I'm working on modernizing Rosetta Code's infrastructure. Starting with communications. Please accept this time-limited open invite to RC's Slack.. --Michael Mol (talk) 20:59, 30 May 2020 (UTC)

Talk:Latin Squares in reduced form/Randomizing using Jacobson and Matthews’ Technique

From Rosetta Code

https://brainwagon.org/2016/05/17/code-for-generating-a-random-latin-square/ some good news and some bad news[edit]

Quoting from Drizen the following is this task:
Theorem 4. Let X0 be an arbitrarily distributed order-n Latin square that starts a Markov chain of (proper and improper) squares: to each square, apply a move chosen uniformly at random from the permissible ±1-moves [n2(n-1) from a proper square, 8 from an improper square]. Let Xᵜ ≡ (X1;X2;X3; : : :) be the subsequence of proper squares we encounter; then Xᵜ is a Markov chain with a (unique) stationary distribution that is uniform over the set of order-n Latin squares.--Nigel Galloway (talk) 11:57, 12 August 2019 (UTC)

some bad news[edit]

The C code above has defined a meaning for random which is not suitable for this task, and in my view not suitable for its own purpose. It performs permissible ±1-moves in a loop DIM*DIM*DIM times, where DIM is the order of the required Latin Square. In effect it generates a Markov chain and returns X(DIM*DIM*DIM) as its Random Latin Square. If one uses this as X1 it is: not this task; and slow. To generate X5 for Latin Square order 5 the C-code generates 42*42*42*5 proper squares. The task is only asking for 750. As observed you will wait a very long time for X1 of order 256 while the C-code generates 256*256*256 proper squares.--Nigel Galloway (talk) 11:57, 12 August 2019 (UTC)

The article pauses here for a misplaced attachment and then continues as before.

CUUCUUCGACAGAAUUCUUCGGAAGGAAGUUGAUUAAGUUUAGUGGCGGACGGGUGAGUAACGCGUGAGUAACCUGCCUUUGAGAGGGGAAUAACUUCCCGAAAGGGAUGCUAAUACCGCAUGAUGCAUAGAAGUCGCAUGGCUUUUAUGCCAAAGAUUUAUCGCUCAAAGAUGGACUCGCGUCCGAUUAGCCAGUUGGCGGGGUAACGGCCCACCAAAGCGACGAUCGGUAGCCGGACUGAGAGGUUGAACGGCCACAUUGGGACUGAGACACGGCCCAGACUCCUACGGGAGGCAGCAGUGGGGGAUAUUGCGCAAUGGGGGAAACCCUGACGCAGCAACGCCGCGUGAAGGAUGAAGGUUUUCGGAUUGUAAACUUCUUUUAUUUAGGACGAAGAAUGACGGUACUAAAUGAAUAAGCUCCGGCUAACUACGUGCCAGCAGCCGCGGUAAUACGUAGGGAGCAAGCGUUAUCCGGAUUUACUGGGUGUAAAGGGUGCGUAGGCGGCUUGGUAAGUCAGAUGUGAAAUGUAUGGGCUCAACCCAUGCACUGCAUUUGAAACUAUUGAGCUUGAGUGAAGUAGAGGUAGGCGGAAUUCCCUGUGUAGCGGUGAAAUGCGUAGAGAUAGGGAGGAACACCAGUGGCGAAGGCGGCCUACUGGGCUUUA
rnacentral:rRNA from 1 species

some good news[edit]

The C code above may be translated into this task if one removes the outer loop. I would expect part 3 and part 4 in less than 1 second.--Nigel Galloway (talk) 11:57, 12 August 2019 (UTC)

Thanks Nigel.
If I remove the outer loop (i.e. perform 1 iteration rather than DIM*DIM*DIM iterations), then parts 3 and 4 complete in about 7 seconds on my elderly Linux machine. If we assume a modern machine would be 3 or 4 times faster and rewriting the whole thing in C rather than Go would be twice as fast again, then your estimate of around 1 second looks about right.
Googling brings up a couple of other J & M implementations, the first in Java (albeit in bits) and the other in Javascript (possibly a translation of the first):
java
javascript
They both seem to be looping n ^ 3 times so it may be that the brainwagon.org implementation has worked from these.
Anyway, if one iteration suffices for the purposes of this task (the results certainly look random enough), I'll change my first version and get rid of the second version which is no longer needed now and was not completely satisfactory in any case :) --PureFox (talk) 14:58, 12 August 2019 (UTC)